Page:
Diapers, blankets, stuffed animals. Parents of newborns almost always leave the hospital with an unbelievable amount of stuff.
Throughout the month of February, 95,000 babies born in 460 hospitals across 37 states also left the hospital with handmade red knit caps. They were made by volunteers in their community and as far away as Australia.
More than 19,000 of those hats were given to babies born in 33 Chicago and suburban hospitals as part of the American Heart Association's Little Hats, Big Hearts campaign.
Association spokeswoman Anne Schullo said the program, now in its third year, has helped draw awareness to the 40,000, or one in 110, babies born each year with congenital heart defects.
"Unfortunately heart disease is still the number one killer, so we're finding that many individuals have been touched by heart disease and are able to give back to the cause and raise awareness this way," Schullo said. "So many knitters are picking up the needles again and helping us spread the awareness. It's really been awesome, especially in the Chicago area, that we had 300 hats to distribute in 2014 and now we have 19,000."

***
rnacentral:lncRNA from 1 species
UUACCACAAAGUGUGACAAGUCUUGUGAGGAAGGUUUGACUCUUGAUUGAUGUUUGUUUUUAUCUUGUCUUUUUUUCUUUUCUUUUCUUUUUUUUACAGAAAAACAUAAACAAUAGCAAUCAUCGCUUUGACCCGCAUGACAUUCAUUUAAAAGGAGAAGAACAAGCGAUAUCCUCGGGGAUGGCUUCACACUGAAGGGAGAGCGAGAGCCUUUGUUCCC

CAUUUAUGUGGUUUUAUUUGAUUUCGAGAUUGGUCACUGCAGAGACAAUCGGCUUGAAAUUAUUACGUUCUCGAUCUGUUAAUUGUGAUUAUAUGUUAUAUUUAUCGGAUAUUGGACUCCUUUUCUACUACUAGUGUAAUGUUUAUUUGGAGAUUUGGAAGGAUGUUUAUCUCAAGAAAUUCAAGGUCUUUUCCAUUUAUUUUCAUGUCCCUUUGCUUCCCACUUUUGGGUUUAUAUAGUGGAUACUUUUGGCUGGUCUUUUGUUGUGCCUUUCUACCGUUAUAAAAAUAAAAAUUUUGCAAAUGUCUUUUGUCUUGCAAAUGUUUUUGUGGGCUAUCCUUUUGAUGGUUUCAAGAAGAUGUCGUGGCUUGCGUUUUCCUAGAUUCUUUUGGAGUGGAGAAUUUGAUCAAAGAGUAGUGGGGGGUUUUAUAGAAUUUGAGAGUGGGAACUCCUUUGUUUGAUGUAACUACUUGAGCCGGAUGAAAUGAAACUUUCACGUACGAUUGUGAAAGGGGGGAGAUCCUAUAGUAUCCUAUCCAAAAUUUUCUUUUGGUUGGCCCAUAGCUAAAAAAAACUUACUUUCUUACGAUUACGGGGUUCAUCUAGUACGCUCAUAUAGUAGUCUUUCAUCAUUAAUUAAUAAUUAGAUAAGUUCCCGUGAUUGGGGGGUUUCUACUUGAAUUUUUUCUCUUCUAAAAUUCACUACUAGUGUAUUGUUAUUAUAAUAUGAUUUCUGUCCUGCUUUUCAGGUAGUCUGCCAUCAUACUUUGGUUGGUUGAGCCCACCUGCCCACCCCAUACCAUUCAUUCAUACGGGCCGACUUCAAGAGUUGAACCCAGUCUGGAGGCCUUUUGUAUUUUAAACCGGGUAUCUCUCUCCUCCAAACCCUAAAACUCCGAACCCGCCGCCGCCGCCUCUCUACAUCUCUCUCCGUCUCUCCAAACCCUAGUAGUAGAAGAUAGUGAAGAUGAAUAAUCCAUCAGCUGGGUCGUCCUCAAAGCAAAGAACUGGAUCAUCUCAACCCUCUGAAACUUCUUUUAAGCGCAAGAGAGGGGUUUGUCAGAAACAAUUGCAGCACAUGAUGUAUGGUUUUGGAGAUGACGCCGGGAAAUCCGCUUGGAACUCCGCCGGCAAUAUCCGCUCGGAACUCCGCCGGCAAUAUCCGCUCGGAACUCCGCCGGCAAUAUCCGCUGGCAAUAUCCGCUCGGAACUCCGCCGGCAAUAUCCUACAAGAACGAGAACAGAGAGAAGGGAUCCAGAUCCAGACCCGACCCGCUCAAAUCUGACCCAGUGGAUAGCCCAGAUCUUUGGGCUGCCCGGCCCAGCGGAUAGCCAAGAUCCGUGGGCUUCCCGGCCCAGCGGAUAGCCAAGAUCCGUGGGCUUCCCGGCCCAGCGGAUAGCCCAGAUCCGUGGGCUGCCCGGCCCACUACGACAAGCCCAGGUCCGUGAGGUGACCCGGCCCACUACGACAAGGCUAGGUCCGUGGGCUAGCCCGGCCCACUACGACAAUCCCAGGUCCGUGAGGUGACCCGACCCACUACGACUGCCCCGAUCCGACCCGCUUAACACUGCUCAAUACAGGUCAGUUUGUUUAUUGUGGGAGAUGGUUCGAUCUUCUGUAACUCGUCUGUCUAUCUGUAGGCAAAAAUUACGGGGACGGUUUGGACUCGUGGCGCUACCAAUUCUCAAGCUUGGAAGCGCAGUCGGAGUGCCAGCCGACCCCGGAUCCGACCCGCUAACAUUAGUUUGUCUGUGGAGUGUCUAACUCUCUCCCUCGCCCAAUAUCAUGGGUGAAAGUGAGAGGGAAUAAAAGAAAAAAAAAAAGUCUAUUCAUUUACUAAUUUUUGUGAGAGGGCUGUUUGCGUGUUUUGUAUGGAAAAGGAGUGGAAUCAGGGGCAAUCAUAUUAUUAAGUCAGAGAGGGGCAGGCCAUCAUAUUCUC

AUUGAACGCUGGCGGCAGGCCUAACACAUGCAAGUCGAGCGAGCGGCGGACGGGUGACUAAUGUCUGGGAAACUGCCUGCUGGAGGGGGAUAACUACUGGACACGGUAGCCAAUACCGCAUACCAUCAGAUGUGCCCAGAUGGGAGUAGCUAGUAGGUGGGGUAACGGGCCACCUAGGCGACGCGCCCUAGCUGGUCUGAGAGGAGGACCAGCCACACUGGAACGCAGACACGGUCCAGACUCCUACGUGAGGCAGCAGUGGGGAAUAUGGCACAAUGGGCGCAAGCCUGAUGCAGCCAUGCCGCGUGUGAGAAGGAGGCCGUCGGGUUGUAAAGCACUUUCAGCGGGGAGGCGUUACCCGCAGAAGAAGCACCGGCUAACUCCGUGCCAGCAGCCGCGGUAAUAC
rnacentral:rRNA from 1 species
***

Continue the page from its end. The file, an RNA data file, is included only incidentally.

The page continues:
Schullo said each hat is laundered and individually packaged with some information on heart disease. She said that in most participating hospitals, nurses put the hats on the baby after the first bath and before the baby is delivered to the parents.
In Naperville, nurses at Edward Hospital use the hat as an opportunity to talk to parents about the Critical Congenital Heart Disease test their baby is given.
Cathy Smith, a mother/baby nurse in Edward's maternity ward, said the hats have been well-received by the parents of all 205 babies born so far in February. But there's been some confusion.
"Some have thought the hats were for Valentine's Day and others asked if they were left over from Christmas," Smith said. "So we bring out the hats for the baby when we explain the CCHD test to the parents.
Smith said the noninvasive and painless test has the potential to find some of the most critical heart defects in newborns by giving nurses an accurate measurement of oxygen in the blood.
"It's a great way to screen for cardiac defects," Smith said. "We've picked some (defects) up for sure and have been able to save some little ones because of it."
Hats for next year's campaign will be accepted from Aug. 1 through Dec. 31. Hats and yarn donations can be sent directly to Schullo at the American Heart Association, 208 S. LaSalle St., Suite 1500, Chicago IL 60604.